Becoming a Computer Programmer Careers Outlook

What is a Computer Programmer?


Depending on your specialization and skills, you may be considered to be one of several professionals. You understand, inside and out, he workings of a computer, computer program or an app once it’s been released. If you have delved into the most basic foundation of a string of code, you know that it’s just a long bunch of letters, numbers and symbols that means something to you and the computer.

With your interest in computers and computer programming, you may have the skills you need to become a computer programmer, software developer, system administrator, or database administrator.

Normally, you would attend a postgraduate program (community college, bachelor’s, or masters), You will be required to complete a set number of credit hours for any degree level for which you are striving. This field, most commonly referred to as “IT,” is highly sought after by students, employees, and employers. Depending on how experienced you are, you may be hired to program, create software, or manage software or an entire database.

Computer Career Paths


Steps to Becoming a Computer Programmer


Steps to Take:


  • Step 1: Find A Program

  • Step 2: Earn Your Degree

  • Step 3: After Graduate

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Step 1: Find A Program

Before you even begin the enrollment process, you need to study the computer science programs of different schools in which you are interested. Read each school’s description of their programs so you know you’re choosing the program that’s right for you.

You’ll have to meet basic requirements, such as graduating from high school or earning your GED before you’ll be considered for enrollment into any postsecondary program. If you have any holes in your high school education, you’ll need to correct these. You need a strong math foundation to help you be better-prepared to handle those college level computer science classes.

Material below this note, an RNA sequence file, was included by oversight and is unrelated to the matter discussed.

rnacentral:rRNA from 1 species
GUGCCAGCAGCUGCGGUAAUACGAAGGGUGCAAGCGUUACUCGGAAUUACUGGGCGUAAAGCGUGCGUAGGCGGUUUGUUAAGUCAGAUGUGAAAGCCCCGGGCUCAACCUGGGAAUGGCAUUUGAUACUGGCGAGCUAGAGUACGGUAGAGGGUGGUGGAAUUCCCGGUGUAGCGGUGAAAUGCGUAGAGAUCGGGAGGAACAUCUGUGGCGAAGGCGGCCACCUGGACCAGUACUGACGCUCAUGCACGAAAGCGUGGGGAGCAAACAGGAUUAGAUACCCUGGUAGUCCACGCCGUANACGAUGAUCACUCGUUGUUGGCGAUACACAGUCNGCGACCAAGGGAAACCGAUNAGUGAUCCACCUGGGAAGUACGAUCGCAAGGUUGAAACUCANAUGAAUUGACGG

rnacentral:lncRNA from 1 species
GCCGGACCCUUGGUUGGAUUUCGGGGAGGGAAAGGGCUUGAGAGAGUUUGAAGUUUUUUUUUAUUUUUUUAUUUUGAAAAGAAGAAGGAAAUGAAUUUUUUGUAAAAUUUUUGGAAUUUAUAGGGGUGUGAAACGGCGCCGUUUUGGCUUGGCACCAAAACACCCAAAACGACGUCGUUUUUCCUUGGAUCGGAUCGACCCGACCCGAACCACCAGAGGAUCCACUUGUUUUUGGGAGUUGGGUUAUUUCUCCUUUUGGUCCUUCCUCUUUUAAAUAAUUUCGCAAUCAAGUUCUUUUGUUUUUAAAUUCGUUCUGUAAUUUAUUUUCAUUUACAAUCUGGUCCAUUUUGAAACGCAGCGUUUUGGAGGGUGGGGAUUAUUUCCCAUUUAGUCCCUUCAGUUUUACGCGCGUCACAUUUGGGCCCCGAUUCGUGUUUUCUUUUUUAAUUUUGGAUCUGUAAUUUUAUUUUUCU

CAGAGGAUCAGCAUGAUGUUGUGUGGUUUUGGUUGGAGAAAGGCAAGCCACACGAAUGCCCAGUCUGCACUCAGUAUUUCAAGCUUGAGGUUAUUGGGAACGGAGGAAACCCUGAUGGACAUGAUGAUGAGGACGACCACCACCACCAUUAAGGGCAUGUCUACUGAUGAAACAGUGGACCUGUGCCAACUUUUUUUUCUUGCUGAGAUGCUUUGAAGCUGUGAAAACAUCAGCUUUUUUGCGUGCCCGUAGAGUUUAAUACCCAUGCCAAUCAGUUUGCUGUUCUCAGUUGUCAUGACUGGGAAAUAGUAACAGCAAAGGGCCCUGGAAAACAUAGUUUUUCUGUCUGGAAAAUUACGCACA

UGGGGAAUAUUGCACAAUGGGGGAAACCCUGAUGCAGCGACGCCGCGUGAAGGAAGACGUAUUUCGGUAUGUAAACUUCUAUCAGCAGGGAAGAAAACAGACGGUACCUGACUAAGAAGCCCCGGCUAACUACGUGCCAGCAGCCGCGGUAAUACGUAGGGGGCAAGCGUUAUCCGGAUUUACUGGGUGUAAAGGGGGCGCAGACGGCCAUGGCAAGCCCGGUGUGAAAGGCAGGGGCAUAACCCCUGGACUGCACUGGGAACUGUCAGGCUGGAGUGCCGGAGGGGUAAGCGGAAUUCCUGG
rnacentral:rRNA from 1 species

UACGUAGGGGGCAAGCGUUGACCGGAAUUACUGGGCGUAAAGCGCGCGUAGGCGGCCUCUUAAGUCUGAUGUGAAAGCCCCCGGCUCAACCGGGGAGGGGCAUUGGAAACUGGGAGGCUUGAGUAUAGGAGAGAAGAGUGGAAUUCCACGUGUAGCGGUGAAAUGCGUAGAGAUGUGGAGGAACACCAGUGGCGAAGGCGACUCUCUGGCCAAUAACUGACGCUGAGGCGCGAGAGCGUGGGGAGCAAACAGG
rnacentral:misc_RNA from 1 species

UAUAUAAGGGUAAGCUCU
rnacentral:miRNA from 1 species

Step 2: Earn Your Degree

Once you’re in, it’s time to take general education classes (history, English, math, psychology, biology, and others). You’ll also have to satisfy several prerequisite (required classes that must be completed before you are admitted to computer science classes). If, for instance, you took biology, you may also need to take another science class. Or, if an earlier science grade wasn’t as high as you had hoped, taking a second science class may help. You can do the same with math classes. Take calculus, geometry, or trigonometry. These will all help you as a computer science major and may be a requirement in some programs. You may even be able to take a computer science class without declaring that as your major. This would give you a step up on your requisite major courses once you do declare.

If you have already earned a bachelor’s degree in another major, you may need to check and see if you’ll be allowed to major in computer science in your old college. This would save you the trouble of transferring or losing your general education credit and having to earn it again. If not, you may need to request admission at another college and go through the transfer process.

Every college and university requires students in every major to make satisfactory progress in their classes. “Satisfactory progress” means that you will earn a minimum GPA in this program. You will also be required to complete your courses the first time you take them (this is due to limited enrollment slots in computer science programs across the country).

Your overall or cumulative GPA can’t dip below 2.0 (common for most universities and colleges). You’ll also have to take a minimum number of credits per semester (12, usually).